"Upon reading of the Petition of Mr. John Reading, One of the Secondaries of The Compters, London, now a Prisoner in The Fleete by Order of this House: It is Ordered, by the Lords in Parliament assembled, upon the Request of the Lord Riche, That the said Mr. Reading shall be released of his said Imprisonment, upon Sight of this Order, paying his Fees; and this to be a sufficient Warrant in that Behalf.
"To the Gentleman Usher attending this House, to be delivered to the Warden of Ths Fleete, or his Deputy."
Letter from General Skippon, that the Money for the Scots was arrived at Nottingham.
"To the Right Honourable the Earl of Manchester, Speaker to the Right Honourable House of Peers. These humbly present, at Westm'r.
"Although I have nothing else to trouble you with now, yet I held it my obliged Duty to acquaint your Lordship, that this Night (Thanks be to God!) the Treasure came safe to this Town. I hope (by God's Help) to be therewith at Yorke on Sunday next at furthest; although the Ways are so deep and foul, and the Days so short, that I cannot hasten as I would, for the more Dispatch of this great Business. This I humbly presume to assure your Lordship, that, God assisting me, nothing shall be wanting in the Care and Faithfulness of,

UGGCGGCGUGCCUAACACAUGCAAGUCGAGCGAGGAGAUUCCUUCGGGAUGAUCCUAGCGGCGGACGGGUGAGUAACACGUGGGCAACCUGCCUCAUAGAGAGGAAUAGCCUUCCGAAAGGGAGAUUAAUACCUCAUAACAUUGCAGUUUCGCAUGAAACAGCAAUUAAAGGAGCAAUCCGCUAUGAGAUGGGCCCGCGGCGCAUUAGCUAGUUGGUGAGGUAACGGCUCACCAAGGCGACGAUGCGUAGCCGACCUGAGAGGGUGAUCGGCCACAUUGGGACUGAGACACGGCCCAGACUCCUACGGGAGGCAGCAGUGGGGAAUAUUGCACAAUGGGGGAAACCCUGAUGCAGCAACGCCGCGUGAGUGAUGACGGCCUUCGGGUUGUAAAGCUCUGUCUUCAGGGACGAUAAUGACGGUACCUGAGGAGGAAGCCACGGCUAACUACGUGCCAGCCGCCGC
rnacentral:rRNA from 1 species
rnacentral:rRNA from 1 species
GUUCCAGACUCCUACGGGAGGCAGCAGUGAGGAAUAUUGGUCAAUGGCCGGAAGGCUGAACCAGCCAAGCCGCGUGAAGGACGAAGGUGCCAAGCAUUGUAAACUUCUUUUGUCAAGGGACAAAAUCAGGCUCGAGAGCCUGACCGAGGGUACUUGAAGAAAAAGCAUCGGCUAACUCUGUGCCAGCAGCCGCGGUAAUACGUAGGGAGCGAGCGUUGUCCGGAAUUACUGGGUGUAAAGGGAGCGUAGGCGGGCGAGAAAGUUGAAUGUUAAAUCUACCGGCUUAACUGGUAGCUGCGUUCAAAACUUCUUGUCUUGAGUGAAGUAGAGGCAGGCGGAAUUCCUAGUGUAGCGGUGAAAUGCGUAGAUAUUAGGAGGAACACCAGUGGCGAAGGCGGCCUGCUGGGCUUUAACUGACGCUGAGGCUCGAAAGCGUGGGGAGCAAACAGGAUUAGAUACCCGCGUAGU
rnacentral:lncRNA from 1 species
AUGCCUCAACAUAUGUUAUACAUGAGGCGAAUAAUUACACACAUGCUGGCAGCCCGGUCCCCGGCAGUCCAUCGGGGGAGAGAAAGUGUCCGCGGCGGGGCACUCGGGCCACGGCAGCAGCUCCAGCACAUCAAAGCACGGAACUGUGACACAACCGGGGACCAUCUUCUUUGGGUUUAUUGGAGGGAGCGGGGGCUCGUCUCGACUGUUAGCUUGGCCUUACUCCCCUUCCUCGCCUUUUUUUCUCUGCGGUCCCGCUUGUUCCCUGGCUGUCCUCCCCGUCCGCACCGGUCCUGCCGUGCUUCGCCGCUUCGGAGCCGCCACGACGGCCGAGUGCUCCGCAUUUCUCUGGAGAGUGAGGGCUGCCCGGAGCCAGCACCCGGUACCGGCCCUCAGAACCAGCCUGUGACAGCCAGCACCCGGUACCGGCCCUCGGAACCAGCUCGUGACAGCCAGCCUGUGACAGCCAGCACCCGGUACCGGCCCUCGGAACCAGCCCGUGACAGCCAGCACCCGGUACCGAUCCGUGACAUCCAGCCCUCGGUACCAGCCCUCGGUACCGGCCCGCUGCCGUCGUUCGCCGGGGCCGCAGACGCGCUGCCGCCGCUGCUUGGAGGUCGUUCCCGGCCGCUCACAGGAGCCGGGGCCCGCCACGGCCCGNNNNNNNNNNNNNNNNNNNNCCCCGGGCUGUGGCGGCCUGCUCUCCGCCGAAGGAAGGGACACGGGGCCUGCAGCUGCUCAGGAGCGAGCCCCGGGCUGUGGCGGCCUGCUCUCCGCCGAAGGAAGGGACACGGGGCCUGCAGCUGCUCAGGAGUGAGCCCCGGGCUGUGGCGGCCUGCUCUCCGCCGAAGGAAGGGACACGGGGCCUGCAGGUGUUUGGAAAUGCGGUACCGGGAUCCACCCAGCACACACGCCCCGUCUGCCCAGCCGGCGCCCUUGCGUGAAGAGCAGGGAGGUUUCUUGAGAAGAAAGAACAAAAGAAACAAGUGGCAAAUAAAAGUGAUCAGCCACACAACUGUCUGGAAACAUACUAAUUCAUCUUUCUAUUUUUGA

Nottingham, the 28th of Dec'r, 1646. Monday Night.
Most humble Servant,
Letter from the Treasurers at York about it.
"For the Right Honourable the Earl of Manchester, Speaker to the House of Peers pro Tempore. These present.
"We think it our Duty to give your Lordship an Account, that, on Monday last, we overtook our Carriages at Nottingham; and on Thursday we came to Yorke, where we find the Lord Mayor and Aldermen very ready to give us fitting Assistance, who have designed the Public Hall, with Two Rooms adjacent, for the Lodging and Telling of our Money; and in regard we expect it to be here on Saturday Night or Sabbath-day Morning, and not hearing from Sir Adam Hepburne Treasurer to the Scotts Army, nor from Mr. Thompson nor Mr. Drumon his Deputies, not knowing where to find any of them, we thought it sit to write to General Leven, intreating his Excellency to acquaint them with our being here, and our Readiness to begin to tell the Money on Monday Morning, if any of them would please to appoint Tellers to tell it after us; which Letter we sent away Post on Thursday Night to Newcastle, and hope to receive Answer To-morrow Night, being Saturday. My, Lord, this is as much of our Business as this little Time hath brought forth. As any Thing worth the Writing shall occur, we shall take the Boldness to acquaint your Lordship, and leave it to your Wisdom to acquaint the rest of the Lords as you shall think fit; for which, and all other your noble Favours, we remain
Yorke, Friday, this 1 of January, 1646.
"Your Lordship's humble Servants,